Go to the Globe and Mail homepage

Jump to main navigationJump to main content

A Canadian dollar, or loonie, sits on top of its American counterpart. (Adrian Wyld/The Canadian Press)
A Canadian dollar, or loonie, sits on top of its American counterpart. (Adrian Wyld/The Canadian Press)

Canadian dollar closes lower amid strong housing data Add to ...

The Canadian dollar closed slightly lower Thursday amid a strong increase in building permits.

The loonie closed down 0.06 of a cent to 91.57 cents (U.S.) after charging ahead almost four-tenths of a cent Wednesday in the wake of a much better than expected trade surplus for June.

On Thursday, Statistics Canada said building permits worth $8-billion (Canadian) were issued during June, up 13.5 per cent from May. However, most of the increase was in the non-residential sector.

More Related to this Story

Traders looked ahead to Friday and the release of the July jobs report. Economists generally expect that 25,000 jobs were created during the month.

Overseas, the European Central Bank said that it is leaving benchmark interest rate unchanged at a record low of 0.15 per cent. The decision was widely expected, in part because the ECB has little room to cut with rates so close to zero.

At a later news conference, European Central Bank President Mario Draghi cautioned that the crisis in Ukraine could weigh on the fragile economic recovery in the eurozone. He said the fallout from Ukraine was “hard to assess” but that sanctions and countersanctions could increase the impact.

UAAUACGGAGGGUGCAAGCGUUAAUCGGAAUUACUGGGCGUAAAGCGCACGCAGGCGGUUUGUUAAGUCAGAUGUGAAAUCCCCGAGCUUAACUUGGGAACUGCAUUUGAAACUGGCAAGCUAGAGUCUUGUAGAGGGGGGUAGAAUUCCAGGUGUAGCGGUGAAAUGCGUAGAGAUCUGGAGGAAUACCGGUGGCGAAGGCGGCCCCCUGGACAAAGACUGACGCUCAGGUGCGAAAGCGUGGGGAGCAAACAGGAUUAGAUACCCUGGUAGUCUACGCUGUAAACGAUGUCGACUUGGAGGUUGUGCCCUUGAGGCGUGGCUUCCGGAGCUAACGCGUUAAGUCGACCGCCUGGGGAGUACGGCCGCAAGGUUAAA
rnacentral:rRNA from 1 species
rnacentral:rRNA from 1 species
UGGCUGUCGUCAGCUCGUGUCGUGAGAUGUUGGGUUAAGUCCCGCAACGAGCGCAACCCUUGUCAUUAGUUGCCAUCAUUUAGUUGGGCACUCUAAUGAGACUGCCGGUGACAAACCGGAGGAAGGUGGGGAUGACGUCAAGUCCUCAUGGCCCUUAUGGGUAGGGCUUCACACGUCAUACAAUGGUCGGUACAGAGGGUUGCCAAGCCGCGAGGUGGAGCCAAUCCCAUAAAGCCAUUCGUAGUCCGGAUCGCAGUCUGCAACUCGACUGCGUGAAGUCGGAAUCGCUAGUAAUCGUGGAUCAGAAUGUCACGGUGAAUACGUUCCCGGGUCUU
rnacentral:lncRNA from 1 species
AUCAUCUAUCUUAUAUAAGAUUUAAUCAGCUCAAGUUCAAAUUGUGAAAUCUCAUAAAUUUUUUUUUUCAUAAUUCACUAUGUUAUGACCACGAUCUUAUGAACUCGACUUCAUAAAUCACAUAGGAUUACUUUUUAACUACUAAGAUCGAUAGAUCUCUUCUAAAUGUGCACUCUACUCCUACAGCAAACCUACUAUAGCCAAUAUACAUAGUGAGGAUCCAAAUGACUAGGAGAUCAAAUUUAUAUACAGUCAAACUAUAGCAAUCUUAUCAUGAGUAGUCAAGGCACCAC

Ongoing tensions continued over the crisis in Ukraine amid fresh Russian sanctions on the West. The sanctions war heated up Thursday after Russia banned most food imports from the West in retaliation for sanctions over Ukraine.

Markets had initially shrugged off the standoff with Ukraine last month but tensions have been growing lately as traders worry about Russia getting more involved in the Ukraine government’s fight against pro-Russian rebels.

Nervous investors pushed bullion up for a second day with the December contract in New York up $4.30 to $1,312.50 (U.S.) an ounce.

Investors also sought safety in U.S. government bonds. The yield on the 10-year note, which falls as prices rise, fell to 2.43 per cent, its lowest of the year.

Eleswhere on the commodity markets, the September crude contract in New York was up 42 cents to $97.34 a barrel.

Follow us on Twitter: @GlobeBusiness

In the know

Most popular video »

Highlights

More from The Globe and Mail

Most Popular Stories